As the postwar international order dissolves, some of the initial concerns that informed and shaped it are resurfacing. One key objective of this old order was the containment of Japanese and German military expansionism and its threat to the international status quo in the Far East and Europe. This was achieved brilliantly by embracing both countries in an American-led alliance system directed against a new adversary, the Soviet Union. This rationale is rapidly fading now, and old specters once more raise their ugly heads; the power of Japan and Germany has again become a cause of concern for their partners in the alliance.
Some observers fear a return of either state (or both) to traditional temptations of military power politics and suspect that Japan or Germany may revert to challenging the status quo, or perhaps even try to replace it with a "Pax Nipponica" or "Pax Teutonica." Others worry about the implications of a changing distribution of economic power as a result of Germany's and Japan's single-minded pursuit of economic gain abroad and tendencies toward parochial and closed societies and economies at home.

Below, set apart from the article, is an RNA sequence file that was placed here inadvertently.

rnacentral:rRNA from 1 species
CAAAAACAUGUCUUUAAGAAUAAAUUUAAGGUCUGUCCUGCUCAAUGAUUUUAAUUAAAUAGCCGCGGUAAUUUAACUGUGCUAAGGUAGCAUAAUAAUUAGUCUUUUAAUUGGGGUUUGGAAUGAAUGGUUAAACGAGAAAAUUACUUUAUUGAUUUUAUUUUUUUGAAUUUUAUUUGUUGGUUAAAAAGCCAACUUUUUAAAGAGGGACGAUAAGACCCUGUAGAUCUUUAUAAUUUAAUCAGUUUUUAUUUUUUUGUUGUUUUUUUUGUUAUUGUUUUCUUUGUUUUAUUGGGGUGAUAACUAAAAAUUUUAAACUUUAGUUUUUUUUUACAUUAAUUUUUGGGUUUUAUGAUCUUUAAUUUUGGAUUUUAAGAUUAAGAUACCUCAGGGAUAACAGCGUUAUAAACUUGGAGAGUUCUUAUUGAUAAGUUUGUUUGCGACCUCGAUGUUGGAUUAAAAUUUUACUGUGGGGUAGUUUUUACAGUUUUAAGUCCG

Most fears about Japanese and/or German revanchism turn less on perceived political strategies by today's leaderships in Tokyo or Bonn than on the dynamics of ungovernable change. German unification and its impact on the alliance are seen in terms of a "runaway freight train" headed for collision as a result of sheer momentum and the inability or unwillingness of the drivers to apply the brakes. And as for Japan, we are told by a "revisionist" that nobody really is in charge there.1 The forces of change in the postwar era, which have worked so powerfully in favor of the West and against the East, are now seen as threatening American control over events.
Those concerns no doubt reflect certain realities. The redistribution and growing diffusion of economic weight is a fact (although it is often not appreciated that the U.S. share of gross world product actually